Rise of the False Reformers

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from Bloomberg Businessweek,

Over the past year leadership changes in many of the world’s biggest emerging markets, such as China, India, Indonesia, and Thailand, have created hopes of dramatic economic liberalization among citizens of those countries and foreign investors. Media reports cast the new men in charge of the two most populous countries—Indian Prime Minister Narendra Modi and Chinese President Xi Jinping—as once-in-a-generation reformers who could streamline their lumbering economies by slashing state enterprises and reducing waste.

These hopes are likely to be dashed. Modi, Xi, and every other supposedly visionary new leader across the developing world won’t dislodge state capitalism or seriously liberalize their economies. Instead, Leviathan will stay in control of the economy, eventually depressing growth and undermining the entire world’s chance to boom.

Although emerging markets have posted impressive growth rates over the past decade, weathering the global slowdown of the late 2000s better than most developed nations, high-growth nations such as Brazil, China, India, Indonesia, and Thailand have rarely adhered to a strict free-market script. They all maintain extensive state control of many parts of their economies. In China, state-owned enterprises (SOEs) make up almost all of the 20 biggest companies by valuation; in Brazil, India, Indonesia, and Thailand, the government still controls or has vast influence over many of the largest companies.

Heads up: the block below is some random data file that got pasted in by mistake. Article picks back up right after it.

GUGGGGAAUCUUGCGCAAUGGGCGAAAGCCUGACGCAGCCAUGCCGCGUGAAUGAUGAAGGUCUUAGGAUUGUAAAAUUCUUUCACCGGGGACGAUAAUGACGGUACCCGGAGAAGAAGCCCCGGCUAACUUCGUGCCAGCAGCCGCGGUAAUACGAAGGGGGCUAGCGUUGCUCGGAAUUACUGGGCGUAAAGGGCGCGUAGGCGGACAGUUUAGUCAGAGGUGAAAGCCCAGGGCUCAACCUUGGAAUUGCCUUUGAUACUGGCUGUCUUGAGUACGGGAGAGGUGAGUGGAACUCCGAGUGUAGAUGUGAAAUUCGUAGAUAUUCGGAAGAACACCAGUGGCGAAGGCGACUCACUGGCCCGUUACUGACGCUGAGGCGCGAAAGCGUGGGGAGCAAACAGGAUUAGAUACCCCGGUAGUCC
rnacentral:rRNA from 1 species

In the past decade state companies in many of these nations have become more entrenched and have learned how to lobby powerful officials—a relatively new phenomenon in places like China or Indonesia.

Still, the recent and deep economic slumps in Europe, Japan, and the U.S. haven’t impressed the developing world, leaving many people there skeptical of market-oriented reforms and economic liberalization.

In India, the appeal of state intervention and worry about Western-style economics also remain significant, despite Modi’s free-market-oriented success running Gujarat state.

The staying power of state capitalism should be a source of concern for Western policymakers. Economic liberalization in the giant emerging markets matters not only for Indians and Chinese and Brazilians but also for the entire world.

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